Well, I'm sure HKS understands how a suspension works, but I'm not sure he was clear enough.
The spring is the whole "structural" member, it supports the car in compression or tension. It would "work" (supporting the car) even without a damper.
What a spring does is to "dissipate", or to "blurr", the effects of the irregularities of the road on the wheels.
The damper is used to dampen (duh...) the movements of the chassis. If you don't have a damper, the spring would oscillate "too much".
How much is "too much"? Well, in racing cars the idea is that, together, spring and damper work to keep the wheel in contact with the road.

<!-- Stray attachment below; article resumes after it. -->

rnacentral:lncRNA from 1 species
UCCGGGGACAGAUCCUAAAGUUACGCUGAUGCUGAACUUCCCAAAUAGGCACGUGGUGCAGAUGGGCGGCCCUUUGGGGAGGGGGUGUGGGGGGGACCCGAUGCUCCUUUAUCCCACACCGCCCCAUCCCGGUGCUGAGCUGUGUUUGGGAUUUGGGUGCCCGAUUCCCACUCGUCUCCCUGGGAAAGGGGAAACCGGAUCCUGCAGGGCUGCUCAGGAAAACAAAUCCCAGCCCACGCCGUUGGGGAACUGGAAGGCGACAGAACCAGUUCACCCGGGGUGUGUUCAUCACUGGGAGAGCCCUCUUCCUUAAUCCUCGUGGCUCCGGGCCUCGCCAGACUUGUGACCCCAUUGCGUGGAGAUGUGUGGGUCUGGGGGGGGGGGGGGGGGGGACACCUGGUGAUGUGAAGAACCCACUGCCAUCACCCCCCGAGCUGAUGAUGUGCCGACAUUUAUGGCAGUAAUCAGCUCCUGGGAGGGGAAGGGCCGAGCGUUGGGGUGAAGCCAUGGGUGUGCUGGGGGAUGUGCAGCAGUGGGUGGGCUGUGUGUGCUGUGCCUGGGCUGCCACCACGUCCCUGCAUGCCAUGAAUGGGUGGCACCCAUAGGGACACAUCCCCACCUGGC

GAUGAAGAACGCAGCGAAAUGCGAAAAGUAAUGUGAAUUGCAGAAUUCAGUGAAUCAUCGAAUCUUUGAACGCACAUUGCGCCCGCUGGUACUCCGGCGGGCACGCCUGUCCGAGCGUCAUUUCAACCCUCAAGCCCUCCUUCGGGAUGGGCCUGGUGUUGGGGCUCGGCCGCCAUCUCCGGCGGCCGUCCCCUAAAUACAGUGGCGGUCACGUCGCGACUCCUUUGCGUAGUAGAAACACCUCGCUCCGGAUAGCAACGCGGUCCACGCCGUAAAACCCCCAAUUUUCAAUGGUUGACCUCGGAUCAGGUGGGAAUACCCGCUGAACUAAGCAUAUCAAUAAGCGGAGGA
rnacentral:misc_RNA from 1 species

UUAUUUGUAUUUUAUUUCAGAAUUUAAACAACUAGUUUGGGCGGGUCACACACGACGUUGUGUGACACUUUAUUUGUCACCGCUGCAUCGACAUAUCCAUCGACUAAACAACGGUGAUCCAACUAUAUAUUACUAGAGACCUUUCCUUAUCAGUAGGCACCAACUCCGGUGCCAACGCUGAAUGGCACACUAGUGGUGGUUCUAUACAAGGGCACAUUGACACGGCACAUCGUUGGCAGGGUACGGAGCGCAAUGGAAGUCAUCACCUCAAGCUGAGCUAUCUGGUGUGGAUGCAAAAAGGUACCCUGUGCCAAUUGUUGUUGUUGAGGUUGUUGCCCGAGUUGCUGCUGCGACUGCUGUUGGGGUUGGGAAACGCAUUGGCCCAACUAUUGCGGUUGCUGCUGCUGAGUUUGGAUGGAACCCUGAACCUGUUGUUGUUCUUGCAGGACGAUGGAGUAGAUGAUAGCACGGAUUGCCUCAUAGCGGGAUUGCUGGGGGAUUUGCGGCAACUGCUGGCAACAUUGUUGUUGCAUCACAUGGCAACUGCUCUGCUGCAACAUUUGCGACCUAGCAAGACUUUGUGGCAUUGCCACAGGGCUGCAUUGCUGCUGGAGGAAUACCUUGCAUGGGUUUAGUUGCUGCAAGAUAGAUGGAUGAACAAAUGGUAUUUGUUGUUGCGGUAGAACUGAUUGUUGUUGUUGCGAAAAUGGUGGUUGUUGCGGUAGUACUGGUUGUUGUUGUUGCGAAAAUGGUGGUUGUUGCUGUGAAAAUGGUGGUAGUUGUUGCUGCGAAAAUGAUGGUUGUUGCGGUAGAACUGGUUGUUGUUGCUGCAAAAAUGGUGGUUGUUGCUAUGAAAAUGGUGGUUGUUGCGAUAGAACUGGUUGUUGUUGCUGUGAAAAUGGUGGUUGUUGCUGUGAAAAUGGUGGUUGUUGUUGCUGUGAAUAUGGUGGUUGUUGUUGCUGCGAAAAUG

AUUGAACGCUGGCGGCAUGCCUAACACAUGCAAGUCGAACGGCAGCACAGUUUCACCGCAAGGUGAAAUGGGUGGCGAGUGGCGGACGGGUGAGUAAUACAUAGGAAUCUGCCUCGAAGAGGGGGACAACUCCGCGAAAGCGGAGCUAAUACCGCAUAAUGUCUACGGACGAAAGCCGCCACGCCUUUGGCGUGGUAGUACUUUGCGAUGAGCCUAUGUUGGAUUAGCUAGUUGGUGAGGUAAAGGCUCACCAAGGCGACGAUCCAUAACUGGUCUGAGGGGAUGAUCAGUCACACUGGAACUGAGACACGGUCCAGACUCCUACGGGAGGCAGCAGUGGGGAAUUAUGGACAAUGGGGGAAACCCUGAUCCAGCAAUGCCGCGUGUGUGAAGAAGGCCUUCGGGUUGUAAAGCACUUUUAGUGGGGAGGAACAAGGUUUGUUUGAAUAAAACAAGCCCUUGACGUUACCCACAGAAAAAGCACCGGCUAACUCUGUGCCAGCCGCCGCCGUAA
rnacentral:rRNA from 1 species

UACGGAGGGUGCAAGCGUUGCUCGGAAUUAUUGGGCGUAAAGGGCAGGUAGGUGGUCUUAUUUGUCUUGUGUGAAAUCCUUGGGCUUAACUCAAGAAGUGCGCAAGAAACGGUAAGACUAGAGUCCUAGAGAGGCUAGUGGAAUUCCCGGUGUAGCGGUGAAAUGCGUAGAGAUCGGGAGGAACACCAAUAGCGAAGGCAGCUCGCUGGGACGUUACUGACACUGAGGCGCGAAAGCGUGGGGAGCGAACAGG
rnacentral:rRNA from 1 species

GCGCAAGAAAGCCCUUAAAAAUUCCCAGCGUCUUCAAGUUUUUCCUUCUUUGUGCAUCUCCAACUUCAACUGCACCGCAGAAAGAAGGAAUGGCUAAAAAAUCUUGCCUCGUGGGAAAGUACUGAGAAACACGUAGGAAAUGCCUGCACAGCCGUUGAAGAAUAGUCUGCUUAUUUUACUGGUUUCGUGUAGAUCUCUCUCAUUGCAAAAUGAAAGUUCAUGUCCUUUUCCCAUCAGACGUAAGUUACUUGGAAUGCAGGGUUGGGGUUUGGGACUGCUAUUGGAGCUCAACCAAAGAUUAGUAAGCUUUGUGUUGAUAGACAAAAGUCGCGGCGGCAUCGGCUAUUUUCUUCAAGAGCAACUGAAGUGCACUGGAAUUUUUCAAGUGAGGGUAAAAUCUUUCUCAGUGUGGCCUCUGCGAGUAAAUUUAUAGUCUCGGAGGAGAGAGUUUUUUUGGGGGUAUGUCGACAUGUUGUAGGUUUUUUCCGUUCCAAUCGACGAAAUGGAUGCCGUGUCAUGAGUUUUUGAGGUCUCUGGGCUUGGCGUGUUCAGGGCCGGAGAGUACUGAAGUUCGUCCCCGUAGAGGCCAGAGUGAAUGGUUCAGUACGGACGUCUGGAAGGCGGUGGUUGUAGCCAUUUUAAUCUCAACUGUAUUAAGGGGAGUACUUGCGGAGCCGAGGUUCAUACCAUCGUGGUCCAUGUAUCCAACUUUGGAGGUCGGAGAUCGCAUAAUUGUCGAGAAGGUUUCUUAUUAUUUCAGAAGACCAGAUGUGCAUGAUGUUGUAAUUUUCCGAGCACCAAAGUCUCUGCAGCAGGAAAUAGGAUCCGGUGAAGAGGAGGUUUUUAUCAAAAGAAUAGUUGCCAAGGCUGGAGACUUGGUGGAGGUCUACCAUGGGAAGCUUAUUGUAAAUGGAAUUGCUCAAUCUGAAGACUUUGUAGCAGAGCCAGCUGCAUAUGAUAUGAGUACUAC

Normal cars also use suspensions to keep passengers comfy, but this is in conflict with the "wheel-in-contact" idea, so...
"Wheel-in contact" means that the wheel transmit some load (some weight) to the road, without any "rebounds" (hopefully).
This transmitted "weight" is what gives grip to the wheel. Is this "weight" what allows you to steer, brake or accelerate.
Imagine you have an R/C car without a suspension: with a "hard chassis", the car will jump as soon as it hits a significant bump in the road, won't it?
If this "suspension-less R/C car" is on a curve and it jumps in the air, the wheels will loose traction and the car will slide.
So, the idea of suspension is to avoid that kind of jumping to offer the driver a more or less constant grip.